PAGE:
The shovel blade, on the other hand, is inclined forward to the handle. In a scooping motion, this makes it easier to move material. Shovel handles, like spade handles, can be short or long.
- Materials, weight, and cost:
In terms of materials, there isn't much of a difference between shovels and spades. Both come with wood or fiberglass handles and blades made of carbon or stainless steel.
The weight and cost of a product are largely determined by the materials used. The weight and cost of a tool will also vary depending on its intended usage; those employed for specialized tasks will often cost more.
The handle/shaft and blade are the most significant differences between shovels and spades.
Types of garden shovels:
Garden shovels come in a range of shapes and sizes, each with its own use. Don't be fooled into thinking they're all the same. Let us learn the difference:
- Narrow shovels:
These are ideal for digging up flat terrain and may penetrate harder material more easily than the wider shovels.
- Broader shovels:
These are more adaptable and can be used for a variety of horticultural jobs. Digging the dirt, shifting stones, and occasionally leveling the ground are examples.
- Short handled garden shovels:
For many new and inexperienced gardeners, mini shovels with short handles are a popular choice. The main reason for this is that it resembles most other equipment you might use, such as picks, sledge hammers, and so on. While it appears to be the ideal shovel, it can be really taxing on your back and body in general. If you have a history of back problems or don't want to develop one in the future, small shovels are not a suitable choice.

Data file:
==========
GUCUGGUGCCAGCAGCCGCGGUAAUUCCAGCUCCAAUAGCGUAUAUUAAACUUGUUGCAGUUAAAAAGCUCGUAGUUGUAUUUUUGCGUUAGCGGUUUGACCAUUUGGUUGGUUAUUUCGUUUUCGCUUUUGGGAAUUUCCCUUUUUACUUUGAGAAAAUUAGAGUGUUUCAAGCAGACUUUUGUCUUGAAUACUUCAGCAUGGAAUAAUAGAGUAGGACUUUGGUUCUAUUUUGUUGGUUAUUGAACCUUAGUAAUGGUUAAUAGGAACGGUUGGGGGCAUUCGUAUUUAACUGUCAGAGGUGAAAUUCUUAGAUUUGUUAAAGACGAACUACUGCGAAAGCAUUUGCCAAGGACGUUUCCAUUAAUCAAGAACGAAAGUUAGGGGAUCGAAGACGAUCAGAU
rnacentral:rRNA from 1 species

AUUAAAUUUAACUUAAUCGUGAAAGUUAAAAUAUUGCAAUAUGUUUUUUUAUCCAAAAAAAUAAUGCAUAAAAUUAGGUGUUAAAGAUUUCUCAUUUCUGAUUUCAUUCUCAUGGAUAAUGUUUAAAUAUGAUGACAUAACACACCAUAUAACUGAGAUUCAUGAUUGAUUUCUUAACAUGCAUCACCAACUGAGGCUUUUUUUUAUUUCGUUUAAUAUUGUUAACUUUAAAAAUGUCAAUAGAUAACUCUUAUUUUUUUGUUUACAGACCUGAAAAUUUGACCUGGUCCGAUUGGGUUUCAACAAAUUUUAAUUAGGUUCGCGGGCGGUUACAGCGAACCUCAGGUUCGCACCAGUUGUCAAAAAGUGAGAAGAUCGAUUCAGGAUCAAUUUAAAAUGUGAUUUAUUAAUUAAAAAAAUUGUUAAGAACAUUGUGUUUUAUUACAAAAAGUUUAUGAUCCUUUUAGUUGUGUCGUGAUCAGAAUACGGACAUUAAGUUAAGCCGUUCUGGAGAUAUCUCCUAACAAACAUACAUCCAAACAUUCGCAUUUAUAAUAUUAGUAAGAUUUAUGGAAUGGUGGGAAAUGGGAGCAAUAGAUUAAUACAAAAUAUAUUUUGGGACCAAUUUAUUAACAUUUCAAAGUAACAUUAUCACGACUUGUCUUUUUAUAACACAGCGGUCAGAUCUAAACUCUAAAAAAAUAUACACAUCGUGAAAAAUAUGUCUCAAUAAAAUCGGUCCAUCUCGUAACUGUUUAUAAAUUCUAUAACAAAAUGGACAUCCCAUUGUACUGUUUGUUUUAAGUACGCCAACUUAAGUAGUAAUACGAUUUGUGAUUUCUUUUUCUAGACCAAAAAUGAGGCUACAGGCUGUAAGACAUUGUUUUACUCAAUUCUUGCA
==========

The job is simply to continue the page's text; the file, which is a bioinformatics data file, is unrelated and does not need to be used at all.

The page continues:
- The long handle shovel:
A shovel with a long handle is an excellent gardening tool. They are comfortable to use. This means you are not bending or pushing at angles or levels that your body isn't used to. Furthermore, if you can dig while standing tall, you can use your entire body to dig deeper or more efficiently.
For a long-handle shovel or spade, the ideal handle height is between your armpit and shoulder. Keep this in mind while selecting one and/or taking that measurement, writing it down, and comparing it to descriptions when purchasing online.
In the above article, we have discussed the differences between a spade and a shovel in general terms. Typically, a spade and a shovel may accomplish the same duties. It is simply a choice of determining which is more effective or practicable for a certain task. Your gardening requirements determine the capacity of a shovel. A longer handle provides additional leverage while also increasing the tool's size and weight. Select a sturdy, weather-resistant shovel of high quality.
If you are still confused about which one to buy, our best recommendation would be to browse through the online portal of Moglix. Here you can find a large selection of shovels and other gardening tools that are essential for maintaining a healthy, clean and beautiful garden.